August 1921: New York Giants sweep the Pirates in a crucial 5-game series

This article was written by Lyle Spatz

Editor’s note: This article was originally published in 2021 as part of the SABR Century 1921 Project.

1921 New York Giants team photo (SABR-RUCKER ARCHIVE)

1921 New York Giants team photo (SABR-RUCKER ARCHIVE)


On the morning of July 31, 1921, the New York Giants and the Pittsburgh Pirates were tied for first place in the National League, each with a record of 60-35. The teams had eight games remaining between them – five at New York’s Polo Grounds in late August and three at Pittsburgh’s Forbes Field in mid-September. Those games figured to be the major factor in deciding the National League pennant winner.

However, much had changed in the fortunes of both teams before the August 24 doubleheader that opened the five-game series in New York; so much so that the series at the Polo Grounds now appeared likely to be simply a coronation for the Pirates. Since July 30, manager George Gibson’s Pirates had won 16 of 22, while John McGraw’s stumbling Giants had lost 15 of 25. Pittsburgh held a 7½-game lead over the Giants, their largest of the season, and one many in the press thought close to insurmountable.

The Giants had won 9 of the 14 games already played between the two teams this season, which now meant nothing. They had to win all five games to get back in the race. The teams would play a doubleheader on Wednesday, August 24, and single games on each of the next three days.

While discussing the Pirates pitching staff, sportswriter Walter Trumbull wrote: “If the Pittsburgh team gets into the world’s series, and there appears to be small doubt that it will, it will be interesting to watch the work of the veteran and the youngster.”1

The “youngster” was Whitey Glazner, a rookie who would go 14-5 for the season. The “veteran” was Babe Adams (12-3), who would pitch the opening game of the doubleheader. Wilbur Cooper (20-8), the league’s top winner at this date, would be Gibson’s starter in the second game. John McGraw would counter with Art Nehf (14-8) and Phil Douglas (10-8). The Pirates arrived in New York supremely confident that the city of Pittsburgh would be returning to the World Series for the first time in 12 years. Owner Barney Dreyfuss had even begun the process of adding more bleacher and grandstand seats to Forbes Field for the World Series games he expected to host.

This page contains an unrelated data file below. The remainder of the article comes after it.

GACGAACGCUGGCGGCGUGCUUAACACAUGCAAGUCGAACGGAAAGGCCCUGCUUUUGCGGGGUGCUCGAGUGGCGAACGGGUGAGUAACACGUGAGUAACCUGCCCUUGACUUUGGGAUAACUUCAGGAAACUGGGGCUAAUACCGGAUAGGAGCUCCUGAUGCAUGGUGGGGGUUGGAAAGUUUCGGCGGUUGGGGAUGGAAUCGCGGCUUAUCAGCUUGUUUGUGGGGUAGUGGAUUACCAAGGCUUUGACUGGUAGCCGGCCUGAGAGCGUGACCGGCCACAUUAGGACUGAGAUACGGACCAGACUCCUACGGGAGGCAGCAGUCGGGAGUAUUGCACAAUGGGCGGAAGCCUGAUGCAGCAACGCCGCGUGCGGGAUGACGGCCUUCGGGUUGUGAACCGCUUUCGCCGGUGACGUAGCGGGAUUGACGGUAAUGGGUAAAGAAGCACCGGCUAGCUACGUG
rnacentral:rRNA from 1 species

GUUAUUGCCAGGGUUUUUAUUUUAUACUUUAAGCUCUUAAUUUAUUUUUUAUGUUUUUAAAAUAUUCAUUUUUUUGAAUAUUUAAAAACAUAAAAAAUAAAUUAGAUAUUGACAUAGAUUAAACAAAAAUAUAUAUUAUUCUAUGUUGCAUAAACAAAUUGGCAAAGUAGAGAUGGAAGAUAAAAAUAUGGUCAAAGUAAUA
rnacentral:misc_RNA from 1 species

Dreyfuss’s longtime antagonist, Giants manager John McGraw, was in a much different situation. McGraw’s floundering team appeared on the verge of completing its fourth consecutive season without a pennant. The New York press that had mostly fawned on him for so many years now seemed more interested in the exploits of Yankee slugger Babe Ruth. Moreover, McGraw had begun hearing criticism from the fans and from certain segments of the press that it was he who was mainly responsible for the Giants’ poor play. Even some of his players had been complaining about his managerial style. Though he was still in uniform, McGraw had taken to running the club from the bench, with Hughie Jennings replacing him as the third-base coach. Some players disagreed with the move. Hugh Fullerton wrote, “Some of the Giants think McGraw ought to be on the coaching lines actively directing the club.”2

John McGraw (LIBRARY OF CONGRESS)McGraw, in turn, was unhappy with the way his team had been playing. Inspired by his displeasure, he prepared his players for the season’s biggest series in his own inimitable way. Following a 10-7 loss to St. Louis, the day before the opening of the Pittsburgh series, McGraw called a team meeting, at which he unleashed a brutal tirade directed against his players. He told them that despite having the potential to be one of the best clubs he had ever managed, they were now becoming one of the worst. Pointing to the success of the pennant-contending Yankees in the American League, he said that a Giants-Yankees World Series would put a lot of money in all their pockets.

“Now it’s gone,” he screamed. “Gone because you’re all a bunch of knuckle-headed fools! Pittsburgh is going to come in here tomorrow laughing at us. Pittsburgh is going to take it all! Pittsburgh! A bunch of banjo-playing, wisecracking humpty-dumpties! You’ve thrown it all away! You haven’t got a chance! And you’ve got only yourselves to blame!”3